Further, the compressor 22 is driven by a compressor motor 22a so as to take the air into the fuel cell system 100 from the open end of the cathode gas supply passage 21, so that the air is supplied to the fuel cell stack 1 via the cathode gas supply passage 21. A rotation speed of the compressor motor 22a, that is, an output (hereinafter also referred to as a compressor output) of the compressor 22 is controlled by the controller 200.

More specifically, the compressor motor 22a is provided with a rotation number sensor 22b for detecting the rotation speed thereof. The rotation number sensor 22b outputs a detection signal of the rotation speed of the compressor motor 22a to the controller 200. Based on the detection signal from the rotation number sensor 22b, the controller 200 adjusts the rotation speed of the compressor motor 22a, that is, the output of the compressor 22. Note that the compressor 22 can be constituted by a turbo compressor or a displacement-type compressor, for example.

The air flow meter 23 is provided in an inlet of the compressor 22. The air flow meter 23 functions as a cathode gas flow rate acquiring portion for detecting a flow rate of the cathode gas to be supplied to the cathode gas supply passage 21. In the following description, the flow rate of the cathode gas is also referred to as a “compressor flow rate.” The air flow meter 23 outputs a detection signal of the compressor flow rate to the controller 200.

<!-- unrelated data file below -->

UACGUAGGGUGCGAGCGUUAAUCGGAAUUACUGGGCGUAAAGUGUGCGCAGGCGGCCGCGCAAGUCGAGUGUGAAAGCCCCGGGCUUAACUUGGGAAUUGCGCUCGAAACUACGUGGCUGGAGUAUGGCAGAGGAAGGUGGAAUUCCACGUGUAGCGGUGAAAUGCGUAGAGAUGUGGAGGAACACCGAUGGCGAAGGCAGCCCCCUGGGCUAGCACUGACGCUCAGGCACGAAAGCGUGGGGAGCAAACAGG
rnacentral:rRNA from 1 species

The intercooler 24 cools down the air discharged from the compressor 22 to the cathode gas supply passage 21 and sent to the fuel cell stack 1.

In the cathode gas supply passage 21, the cathode pressure sensor 25 is provided between the intercooler 24 and the fuel cell stack 1 and on the upstream side from a junction between the cathode gas supply passage 21 and the bypass passage 28. The cathode pressure sensor 25 detects a pressure of the cathode gas in the cathode gas discharge passage 26. In the following description, the pressure of the cathode gas in the cathode gas discharge passage 26 is also referred to as a “cathode gas pressure.” The cathode pressure sensor 25 outputs a detection signal of the cathode gas pressure to the controller 200.

The cathode gas discharge passage 26 is a passage via which cathode off-gas is discharged from the fuel cell stack 1. One end of the cathode gas discharge passage 26 is connected to a cathode gas outlet hole of the fuel cell stack 1 and the other end thereof is opened.

The cathode pressure control valve 27 adjusts a pressure of the cathode gas system. In the cathode gas discharge passage 26, the cathode pressure control valve 27 is provided on the downstream side from a junction between the cathode gas discharge passage 26 and the bypass passage 28. As the cathode pressure control valve 27, a solenoid valve configured such that its valve opening degree is gradually changeable is used, for example. The cathode pressure control valve 27 is controlled by the controller 200 so as to be opened and closed. The cathode gas pressure is adjusted to a desired pressure by the opening/closing control. As the opening degree of the cathode pressure control valve 27 becomes larger, the cathode pressure control valve 27 is opened, and as the opening degree of the cathode pressure control valve 27 becomes smaller, the cathode pressure control valve 27 is closed. Note that, in the cathode gas discharge passage 26, the cathode pressure control valve 27 may be provided on the upstream side from the junction between the cathode gas discharge passage 26 and the bypass passage 28.